This weekend, we are celebrating the marriage of Dave’s sister, Kris, to Franck. We are so happy that they found each other. They are blending their families, and we are thrilled to welcome Franck and his sons, Trevor and Josh into the tribe. Dave will be officiating so I am sure the ceremony will be both meaningful and entertaining. We wish them many many years filled with love and happiness.
I can’t wait to spend the weekend with some of my favorite people in the world. When family gathers together, it is always time filled with laughter, stories and memory making!
Before I write anything down, I usually let a topic ping around in my head for a day or two. I mentally brainstorm as I am sitting in traffic or before I fall asleep at night. Sometimes I realize that I don’t have enough to say, or that it might not be all that interesting or relevant. The idea that I was mulling over most of Saturday was the use of the words “I love you.”
I had a basic idea of what I wanted to convey, but Saturday night cemented it. That night we bid farewell for now to our dear friends who are about to embark on a two year adventure on the other side of the world. As they were leaving, Lexy gave me a hug and told me she loved me. Maybe to her it was out of habit or rote, but I was so touched. To me it meant “We are there for you. We are going to be thinking about you even from afar. We care about you.” I couldn’t help but wonder where all our lives will be when we next see each other. That simple sentence meant the world to me now more than ever. It solidified for me how important it is to tell people how you feel.
For as long as I can remember, I have been afraid that I will lose someone, and I won’t have told them how much they mean to me. If you know my history, you might think that this stems back to when I was 2 1/2 and I was with my birth mother and her family one day and with a completely new family the next. But I know this is not why. It is because of an interaction between my grandfather and my brother which I don’t remember in person, but I know the story. So, I have always felt that it was important to tell my family that I love them as often as possible. It has been since Dave’s diagnosis that I have realized how necessary it is to extend this past my immediate family. After all, I love Dave’s family, my extended family and my friends too. I don’t take the words lightly, and I never want them to be an automatic response, but I believe that they should be said. I know how comforted and supported it makes me feel when someone I care about tells me they love me, and I hope others feel the same way too.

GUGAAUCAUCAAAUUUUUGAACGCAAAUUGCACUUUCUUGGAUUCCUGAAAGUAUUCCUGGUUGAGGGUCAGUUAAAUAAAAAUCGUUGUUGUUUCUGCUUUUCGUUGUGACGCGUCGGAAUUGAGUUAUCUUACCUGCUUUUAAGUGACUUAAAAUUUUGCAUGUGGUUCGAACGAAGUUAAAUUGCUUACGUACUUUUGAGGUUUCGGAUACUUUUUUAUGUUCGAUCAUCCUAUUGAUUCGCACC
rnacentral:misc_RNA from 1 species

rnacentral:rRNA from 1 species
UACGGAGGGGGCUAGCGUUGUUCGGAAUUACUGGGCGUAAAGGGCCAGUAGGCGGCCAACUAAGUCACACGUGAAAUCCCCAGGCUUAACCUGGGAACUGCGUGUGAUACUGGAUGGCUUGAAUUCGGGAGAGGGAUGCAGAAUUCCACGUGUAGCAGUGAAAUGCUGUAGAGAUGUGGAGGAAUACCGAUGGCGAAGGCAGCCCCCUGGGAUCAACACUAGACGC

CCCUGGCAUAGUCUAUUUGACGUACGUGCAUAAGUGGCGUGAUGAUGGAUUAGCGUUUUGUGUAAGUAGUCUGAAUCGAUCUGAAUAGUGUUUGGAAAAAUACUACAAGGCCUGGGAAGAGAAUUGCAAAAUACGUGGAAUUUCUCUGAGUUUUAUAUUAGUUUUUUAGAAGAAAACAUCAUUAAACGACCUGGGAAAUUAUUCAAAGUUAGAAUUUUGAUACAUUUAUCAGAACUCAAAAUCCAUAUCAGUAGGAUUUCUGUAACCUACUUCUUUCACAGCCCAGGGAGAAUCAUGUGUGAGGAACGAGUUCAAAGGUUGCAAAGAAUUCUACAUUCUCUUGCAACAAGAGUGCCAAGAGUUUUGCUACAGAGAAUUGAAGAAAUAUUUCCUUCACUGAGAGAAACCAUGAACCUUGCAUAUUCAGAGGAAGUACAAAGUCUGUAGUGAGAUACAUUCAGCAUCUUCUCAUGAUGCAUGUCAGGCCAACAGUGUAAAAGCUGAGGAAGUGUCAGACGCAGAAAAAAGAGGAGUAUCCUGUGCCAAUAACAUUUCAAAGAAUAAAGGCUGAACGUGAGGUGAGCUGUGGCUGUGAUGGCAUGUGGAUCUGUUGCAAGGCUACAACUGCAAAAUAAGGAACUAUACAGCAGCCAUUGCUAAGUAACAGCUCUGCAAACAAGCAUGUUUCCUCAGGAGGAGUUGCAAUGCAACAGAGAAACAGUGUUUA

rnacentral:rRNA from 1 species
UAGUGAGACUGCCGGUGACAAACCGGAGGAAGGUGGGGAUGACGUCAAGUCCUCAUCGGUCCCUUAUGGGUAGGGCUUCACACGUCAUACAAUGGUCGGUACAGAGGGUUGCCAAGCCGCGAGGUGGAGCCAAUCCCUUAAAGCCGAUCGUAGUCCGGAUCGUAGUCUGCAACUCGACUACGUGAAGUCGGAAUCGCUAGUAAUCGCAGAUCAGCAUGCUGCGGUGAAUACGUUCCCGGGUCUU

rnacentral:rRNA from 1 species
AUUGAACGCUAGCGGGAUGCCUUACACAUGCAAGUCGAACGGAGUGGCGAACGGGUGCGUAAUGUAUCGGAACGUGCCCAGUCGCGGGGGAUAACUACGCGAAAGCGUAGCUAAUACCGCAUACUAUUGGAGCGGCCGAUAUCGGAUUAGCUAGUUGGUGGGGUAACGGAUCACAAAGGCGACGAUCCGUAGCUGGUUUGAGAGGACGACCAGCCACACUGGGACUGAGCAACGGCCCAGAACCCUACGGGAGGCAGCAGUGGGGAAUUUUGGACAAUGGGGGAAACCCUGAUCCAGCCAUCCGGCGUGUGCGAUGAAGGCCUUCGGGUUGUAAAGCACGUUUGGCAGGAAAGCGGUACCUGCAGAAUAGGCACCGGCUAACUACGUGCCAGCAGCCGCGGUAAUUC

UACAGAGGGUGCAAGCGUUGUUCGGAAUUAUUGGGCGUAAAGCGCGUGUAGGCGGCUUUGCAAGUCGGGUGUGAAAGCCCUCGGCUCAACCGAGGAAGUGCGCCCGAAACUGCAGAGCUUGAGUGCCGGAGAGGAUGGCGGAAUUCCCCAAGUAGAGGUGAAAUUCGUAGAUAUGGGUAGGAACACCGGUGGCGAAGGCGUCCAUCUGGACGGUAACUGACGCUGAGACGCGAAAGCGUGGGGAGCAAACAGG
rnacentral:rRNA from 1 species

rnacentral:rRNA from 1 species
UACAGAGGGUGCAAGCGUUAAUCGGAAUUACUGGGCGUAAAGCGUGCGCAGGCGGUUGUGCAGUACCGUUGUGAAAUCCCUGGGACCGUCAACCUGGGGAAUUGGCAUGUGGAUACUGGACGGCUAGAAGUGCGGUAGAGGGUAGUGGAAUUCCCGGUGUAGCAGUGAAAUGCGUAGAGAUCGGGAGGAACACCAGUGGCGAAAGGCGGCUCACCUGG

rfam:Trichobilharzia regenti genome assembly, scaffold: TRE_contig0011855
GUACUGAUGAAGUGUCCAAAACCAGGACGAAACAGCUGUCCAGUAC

I love you.
“Dave looks great!” This is probably the most common comment I hear. And he does look great. You certainly would never guess the battle that is occurring within him. But there are little signs. He gets winded after walking up the stairs. He is eating sweets and sugary cereals with a frequency and quantity never before seen. He will want to turn back for home during a walk because his feet are bothering him. All little signs that he is working hard every minute of every day to send this cancer packing.
I think we all feel better when we look at Dave and marvel at how strong he looks. And I think that he does everything in his power to protect us from the reality of how hard it is. He doesn’t complain. If you ask him how he is doing, he will say “Great!” It is a daily demonstration of how much he loves his family and friends.